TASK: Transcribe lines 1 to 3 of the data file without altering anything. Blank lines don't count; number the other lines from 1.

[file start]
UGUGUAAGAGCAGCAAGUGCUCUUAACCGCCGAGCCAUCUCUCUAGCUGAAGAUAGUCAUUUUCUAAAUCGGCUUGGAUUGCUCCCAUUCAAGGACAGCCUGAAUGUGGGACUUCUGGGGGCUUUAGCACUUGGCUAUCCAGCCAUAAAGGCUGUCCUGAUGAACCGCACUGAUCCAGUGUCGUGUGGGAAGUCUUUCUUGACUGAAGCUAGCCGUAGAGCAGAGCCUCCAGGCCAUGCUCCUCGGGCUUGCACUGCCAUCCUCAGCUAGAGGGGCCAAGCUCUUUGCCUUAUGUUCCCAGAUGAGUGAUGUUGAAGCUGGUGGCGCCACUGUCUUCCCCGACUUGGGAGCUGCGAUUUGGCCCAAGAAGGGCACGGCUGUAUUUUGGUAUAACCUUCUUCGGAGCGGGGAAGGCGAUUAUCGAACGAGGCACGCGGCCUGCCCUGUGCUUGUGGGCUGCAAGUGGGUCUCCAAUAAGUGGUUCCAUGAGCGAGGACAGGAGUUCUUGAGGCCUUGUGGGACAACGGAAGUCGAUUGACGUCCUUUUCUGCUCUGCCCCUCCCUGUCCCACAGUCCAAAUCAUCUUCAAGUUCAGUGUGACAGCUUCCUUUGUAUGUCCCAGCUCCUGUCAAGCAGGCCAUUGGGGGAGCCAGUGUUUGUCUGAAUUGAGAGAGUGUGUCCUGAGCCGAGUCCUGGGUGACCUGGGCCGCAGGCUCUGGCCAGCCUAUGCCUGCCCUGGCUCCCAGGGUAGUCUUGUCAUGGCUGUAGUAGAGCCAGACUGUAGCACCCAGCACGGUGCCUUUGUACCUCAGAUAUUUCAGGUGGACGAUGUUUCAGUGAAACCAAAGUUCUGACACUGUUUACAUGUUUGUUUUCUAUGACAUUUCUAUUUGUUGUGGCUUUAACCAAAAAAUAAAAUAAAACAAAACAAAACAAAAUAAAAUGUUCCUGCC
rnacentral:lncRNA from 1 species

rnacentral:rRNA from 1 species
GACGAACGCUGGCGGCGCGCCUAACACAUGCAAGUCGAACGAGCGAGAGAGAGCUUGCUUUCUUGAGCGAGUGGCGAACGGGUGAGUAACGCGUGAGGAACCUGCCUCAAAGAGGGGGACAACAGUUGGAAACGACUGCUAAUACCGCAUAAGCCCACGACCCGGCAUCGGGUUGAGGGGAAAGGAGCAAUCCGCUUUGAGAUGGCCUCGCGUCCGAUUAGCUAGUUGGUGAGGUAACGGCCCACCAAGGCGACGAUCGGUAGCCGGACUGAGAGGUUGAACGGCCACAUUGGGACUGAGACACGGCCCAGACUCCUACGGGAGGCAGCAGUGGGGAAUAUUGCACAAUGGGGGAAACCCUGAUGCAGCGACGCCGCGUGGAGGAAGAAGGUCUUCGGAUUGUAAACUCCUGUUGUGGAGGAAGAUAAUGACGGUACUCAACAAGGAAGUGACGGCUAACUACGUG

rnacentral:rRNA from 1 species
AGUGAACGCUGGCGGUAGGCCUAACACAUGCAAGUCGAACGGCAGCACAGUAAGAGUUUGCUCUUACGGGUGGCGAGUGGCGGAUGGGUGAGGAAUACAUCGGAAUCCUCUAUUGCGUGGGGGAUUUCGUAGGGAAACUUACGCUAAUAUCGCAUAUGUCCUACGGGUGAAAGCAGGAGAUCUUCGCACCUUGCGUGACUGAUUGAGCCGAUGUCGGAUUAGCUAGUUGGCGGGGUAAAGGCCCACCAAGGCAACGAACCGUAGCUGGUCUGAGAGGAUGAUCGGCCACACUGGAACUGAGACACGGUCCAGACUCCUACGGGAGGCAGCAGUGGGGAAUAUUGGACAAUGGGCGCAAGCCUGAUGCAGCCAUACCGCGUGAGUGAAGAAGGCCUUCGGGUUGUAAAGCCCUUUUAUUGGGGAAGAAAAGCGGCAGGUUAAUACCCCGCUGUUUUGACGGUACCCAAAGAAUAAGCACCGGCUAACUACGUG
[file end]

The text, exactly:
UGUGUAAGAGCAGCAAGUGCUCUUAACCGCCGAGCCAUCUCUCUAGCUGAAGAUAGUCAUUUUCUAAAUCGGCUUGGAUUGCUCCCAUUCAAGGACAGCCUGAAUGUGGGACUUCUGGGGGCUUUAGCACUUGGCUAUCCAGCCAUAAAGGCUGUCCUGAUGAACCGCACUGAUCCAGUGUCGUGUGGGAAGUCUUUCUUGACUGAAGCUAGCCGUAGAGCAGAGCCUCCAGGCCAUGCUCCUCGGGCUUGCACUGCCAUCCUCAGCUAGAGGGGCCAAGCUCUUUGCCUUAUGUUCCCAGAUGAGUGAUGUUGAAGCUGGUGGCGCCACUGUCUUCCCCGACUUGGGAGCUGCGAUUUGGCCCAAGAAGGGCACGGCUGUAUUUUGGUAUAACCUUCUUCGGAGCGGGGAAGGCGAUUAUCGAACGAGGCACGCGGCCUGCCCUGUGCUUGUGGGCUGCAAGUGGGUCUCCAAUAAGUGGUUCCAUGAGCGAGGACAGGAGUUCUUGAGGCCUUGUGGGACAACGGAAGUCGAUUGACGUCCUUUUCUGCUCUGCCCCUCCCUGUCCCACAGUCCAAAUCAUCUUCAAGUUCAGUGUGACAGCUUCCUUUGUAUGUCCCAGCUCCUGUCAAGCAGGCCAUUGGGGGAGCCAGUGUUUGUCUGAAUUGAGAGAGUGUGUCCUGAGCCGAGUCCUGGGUGACCUGGGCCGCAGGCUCUGGCCAGCCUAUGCCUGCCCUGGCUCCCAGGGUAGUCUUGUCAUGGCUGUAGUAGAGCCAGACUGUAGCACCCAGCACGGUGCCUUUGUACCUCAGAUAUUUCAGGUGGACGAUGUUUCAGUGAAACCAAAGUUCUGACACUGUUUACAUGUUUGUUUUCUAUGACAUUUCUAUUUGUUGUGGCUUUAACCAAAAAAUAAAAUAAAACAAAACAAAACAAAAUAAAAUGUUCCUGCC
rnacentral:lncRNA from 1 species

rnacentral:rRNA from 1 species